I chatted with him just the other day. He was whining about early briefings and weather cancellations but he knew he still had the best job ever.
Lex is gone. His wit, wisdom, and humanity. The blog is silent. His books, for there would have been many, unwritten. He truly had a gift that he shared freely even when he didn’t really have the time. His posts drove the rest of us struggling hacks to push that much harder. The way he would transport you into the cockpit was unlike any talent I’ve ever read including a long list of best-selling authors. Lex had them beat but you’d never get him to admit to it.
Over the years we’ve watched his kids grow up and head off to school, we witnessed the pride in the old fighter pilot when his son earned his own wings of gold, we shared, we understood, at times we even helped. Most of us never met the man whose company we enjoyed so much. Such detached closeness is a strange phenomenon of blogging that Lex wrote about often, the compassion of people that were friends yet perfect strangers. I didn’t know Lex but I knew the man and his tragic loss is every bit as painful as the others on my growing list. Flying is a calculated risk, flying grey jets in harm’s way even more so. Lex lost his share of wingmen along the journey and as he said on several occasions, sometimes bad things happen. Training minimizes the risks but no amount can completely mitigate them. He understood and accepted the danger.
I’ve linked to his material often over the years but for those of you who didn’t have the pleasure of knowing him, Lex served a full Navy career retiring as a Captain. He couldn’t stand being grounded so he wrangled a weekend gig dogfighting little Vargas with an air combat outfit. It was good (any paid flying is better than none) but it wasn’t his old mistress the Hornet. Then along came an opportunity to fly the F-21 Kfir with a civilian contractor as an aggressor pilot. He was thrilled as was his entire extended internet family. The stories were fresh, you could feel the adrenaline in his writing. Lex was back where he belonged. Shockingly the ride ended far too soon.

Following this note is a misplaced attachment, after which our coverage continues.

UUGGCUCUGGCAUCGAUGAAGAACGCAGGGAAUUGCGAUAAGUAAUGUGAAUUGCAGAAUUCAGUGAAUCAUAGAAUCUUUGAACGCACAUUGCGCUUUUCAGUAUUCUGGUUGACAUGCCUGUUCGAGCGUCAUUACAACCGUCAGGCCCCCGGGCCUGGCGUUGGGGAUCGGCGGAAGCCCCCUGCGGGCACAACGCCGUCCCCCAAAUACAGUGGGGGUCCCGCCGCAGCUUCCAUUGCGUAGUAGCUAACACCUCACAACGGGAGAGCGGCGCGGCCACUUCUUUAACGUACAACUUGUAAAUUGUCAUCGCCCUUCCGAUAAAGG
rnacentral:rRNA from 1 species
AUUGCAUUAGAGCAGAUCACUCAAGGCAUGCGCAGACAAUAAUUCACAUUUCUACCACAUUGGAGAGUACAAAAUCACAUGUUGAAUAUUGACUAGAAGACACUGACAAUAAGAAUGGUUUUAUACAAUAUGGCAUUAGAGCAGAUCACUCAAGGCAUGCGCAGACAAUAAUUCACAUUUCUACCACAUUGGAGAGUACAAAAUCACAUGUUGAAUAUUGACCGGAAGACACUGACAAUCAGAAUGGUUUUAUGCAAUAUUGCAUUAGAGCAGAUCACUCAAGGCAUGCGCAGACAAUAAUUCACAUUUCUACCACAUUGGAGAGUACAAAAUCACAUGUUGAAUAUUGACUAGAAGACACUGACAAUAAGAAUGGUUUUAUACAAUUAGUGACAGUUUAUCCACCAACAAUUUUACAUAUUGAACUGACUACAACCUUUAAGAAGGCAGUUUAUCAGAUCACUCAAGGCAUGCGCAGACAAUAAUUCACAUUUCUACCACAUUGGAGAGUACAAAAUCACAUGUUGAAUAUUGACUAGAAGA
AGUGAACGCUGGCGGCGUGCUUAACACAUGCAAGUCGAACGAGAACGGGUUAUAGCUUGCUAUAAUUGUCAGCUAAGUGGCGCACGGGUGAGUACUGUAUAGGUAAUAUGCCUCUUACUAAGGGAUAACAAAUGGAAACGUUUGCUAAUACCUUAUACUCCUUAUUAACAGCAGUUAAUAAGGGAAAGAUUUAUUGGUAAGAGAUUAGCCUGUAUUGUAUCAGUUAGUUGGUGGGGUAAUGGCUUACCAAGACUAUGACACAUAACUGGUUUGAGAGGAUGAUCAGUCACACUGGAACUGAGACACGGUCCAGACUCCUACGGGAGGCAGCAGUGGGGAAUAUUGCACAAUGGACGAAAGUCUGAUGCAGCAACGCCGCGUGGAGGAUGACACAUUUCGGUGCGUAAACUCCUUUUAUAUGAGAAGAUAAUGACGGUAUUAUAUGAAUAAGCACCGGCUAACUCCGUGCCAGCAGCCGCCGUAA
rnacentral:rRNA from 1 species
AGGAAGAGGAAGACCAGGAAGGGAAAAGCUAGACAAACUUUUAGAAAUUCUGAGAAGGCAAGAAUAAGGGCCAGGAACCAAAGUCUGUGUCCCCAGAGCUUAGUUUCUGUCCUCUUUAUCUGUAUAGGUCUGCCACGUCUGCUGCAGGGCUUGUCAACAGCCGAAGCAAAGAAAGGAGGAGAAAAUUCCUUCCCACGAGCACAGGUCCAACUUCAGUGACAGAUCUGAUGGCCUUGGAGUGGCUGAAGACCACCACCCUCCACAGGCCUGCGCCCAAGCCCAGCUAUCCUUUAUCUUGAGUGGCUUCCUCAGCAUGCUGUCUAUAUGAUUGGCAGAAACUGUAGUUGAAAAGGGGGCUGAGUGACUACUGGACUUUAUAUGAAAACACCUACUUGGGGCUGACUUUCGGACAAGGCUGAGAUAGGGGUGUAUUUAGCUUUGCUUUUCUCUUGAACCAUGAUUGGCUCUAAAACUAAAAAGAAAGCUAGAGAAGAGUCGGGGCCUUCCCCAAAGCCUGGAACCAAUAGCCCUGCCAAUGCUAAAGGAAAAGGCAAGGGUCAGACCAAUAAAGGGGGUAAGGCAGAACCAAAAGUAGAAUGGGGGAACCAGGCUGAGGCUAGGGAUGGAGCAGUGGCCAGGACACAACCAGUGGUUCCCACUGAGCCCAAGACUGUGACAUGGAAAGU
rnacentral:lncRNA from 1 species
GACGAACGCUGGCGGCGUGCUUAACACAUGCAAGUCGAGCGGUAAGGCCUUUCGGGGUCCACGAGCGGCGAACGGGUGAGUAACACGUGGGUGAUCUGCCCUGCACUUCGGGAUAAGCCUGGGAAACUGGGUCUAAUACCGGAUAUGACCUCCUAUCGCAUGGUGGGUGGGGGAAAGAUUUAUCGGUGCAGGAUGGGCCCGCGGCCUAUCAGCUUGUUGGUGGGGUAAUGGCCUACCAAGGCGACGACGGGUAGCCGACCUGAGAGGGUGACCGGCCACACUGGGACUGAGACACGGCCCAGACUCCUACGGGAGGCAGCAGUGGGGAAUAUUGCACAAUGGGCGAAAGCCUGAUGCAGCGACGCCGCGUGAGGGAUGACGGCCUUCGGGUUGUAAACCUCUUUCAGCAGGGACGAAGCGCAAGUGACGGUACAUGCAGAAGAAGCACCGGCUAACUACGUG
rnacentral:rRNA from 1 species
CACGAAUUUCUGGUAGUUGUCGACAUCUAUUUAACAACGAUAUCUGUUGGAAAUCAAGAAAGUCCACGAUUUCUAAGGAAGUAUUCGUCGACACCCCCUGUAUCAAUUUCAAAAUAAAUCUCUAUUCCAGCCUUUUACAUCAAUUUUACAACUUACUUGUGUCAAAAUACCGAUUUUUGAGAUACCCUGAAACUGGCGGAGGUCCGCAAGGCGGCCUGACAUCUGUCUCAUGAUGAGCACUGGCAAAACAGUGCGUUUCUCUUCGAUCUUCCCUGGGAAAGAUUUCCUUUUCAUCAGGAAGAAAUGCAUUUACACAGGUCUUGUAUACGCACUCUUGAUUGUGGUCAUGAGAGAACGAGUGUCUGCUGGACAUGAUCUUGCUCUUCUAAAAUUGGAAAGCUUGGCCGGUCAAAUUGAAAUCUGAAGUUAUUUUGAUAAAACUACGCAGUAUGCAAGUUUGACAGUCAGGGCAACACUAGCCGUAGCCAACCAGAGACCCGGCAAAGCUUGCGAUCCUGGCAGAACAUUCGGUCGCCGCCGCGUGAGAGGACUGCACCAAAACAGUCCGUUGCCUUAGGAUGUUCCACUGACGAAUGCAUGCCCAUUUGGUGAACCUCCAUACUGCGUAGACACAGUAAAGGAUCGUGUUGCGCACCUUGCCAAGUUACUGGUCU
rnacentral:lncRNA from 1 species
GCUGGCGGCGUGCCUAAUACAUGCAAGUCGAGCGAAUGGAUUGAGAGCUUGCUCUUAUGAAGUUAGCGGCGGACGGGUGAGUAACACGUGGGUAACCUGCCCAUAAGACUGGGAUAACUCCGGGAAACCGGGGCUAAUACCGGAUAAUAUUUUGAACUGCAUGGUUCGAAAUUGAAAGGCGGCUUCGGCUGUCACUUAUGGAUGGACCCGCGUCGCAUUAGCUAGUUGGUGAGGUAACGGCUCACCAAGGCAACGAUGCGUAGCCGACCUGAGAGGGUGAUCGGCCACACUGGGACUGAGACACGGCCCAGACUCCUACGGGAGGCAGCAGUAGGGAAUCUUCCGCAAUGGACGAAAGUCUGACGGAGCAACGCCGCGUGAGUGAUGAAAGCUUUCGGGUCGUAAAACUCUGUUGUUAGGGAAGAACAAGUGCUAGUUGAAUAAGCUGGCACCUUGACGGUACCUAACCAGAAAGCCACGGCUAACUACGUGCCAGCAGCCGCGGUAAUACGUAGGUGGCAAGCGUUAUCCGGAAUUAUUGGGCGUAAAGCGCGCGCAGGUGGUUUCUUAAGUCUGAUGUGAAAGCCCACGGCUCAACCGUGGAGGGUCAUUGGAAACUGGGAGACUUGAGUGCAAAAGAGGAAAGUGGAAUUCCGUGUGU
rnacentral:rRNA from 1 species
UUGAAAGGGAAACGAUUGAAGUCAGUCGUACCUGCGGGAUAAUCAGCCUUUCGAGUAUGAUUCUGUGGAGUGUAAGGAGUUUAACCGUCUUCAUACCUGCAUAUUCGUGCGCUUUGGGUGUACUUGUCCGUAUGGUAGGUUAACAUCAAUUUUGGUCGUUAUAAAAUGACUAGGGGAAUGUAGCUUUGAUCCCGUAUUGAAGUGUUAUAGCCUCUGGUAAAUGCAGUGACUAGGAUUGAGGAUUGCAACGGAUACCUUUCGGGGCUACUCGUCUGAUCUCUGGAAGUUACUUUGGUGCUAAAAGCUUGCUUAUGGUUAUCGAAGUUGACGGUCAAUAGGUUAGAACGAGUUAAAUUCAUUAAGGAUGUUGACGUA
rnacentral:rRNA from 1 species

The fighter pilot fraternity is statistically small to begin with, carve it down to civilian contractors flying aging Israeli Kfirs out of NAS Fallon this week and the alarming news of a fatal crash narrowed down to our man at warp speed. We gathered online hoping beyond hope that it wasn’t him but when one dreadful day dragged into the next without so much as a peep on his prolific blog it became painfully obvious. If we had all been in one room the bar would have stayed open long into the wee hours as we toasted our friend. Lex of all people would have appreciated the gesture. It’s a small comfort that he died doing what he loved. My thoughts and prayers are with his wife and kids who, although I’ve never met, I know them as my own.
Godspeed Captain Carroll “Lex” LeFon…
This snip from the mid-watch last night sums it up:
” We are, actually, pretty few, and we count our fellows as friends of a different sort.. And so when one of us leaves, it is noticed. It is one thing to fade, fade away. It is another to be taken by the mistress, to be here, and then gone. I thought she was done with leaving me to count. So I thought.”
I’ll add more tributes as they come up. The list will be long.
Thanks to FBL, you can go fly with Lex in the mighty Varga: http://fuzzilicious.blogspot.com/2010/03/fuzzy-flight-full-aar.html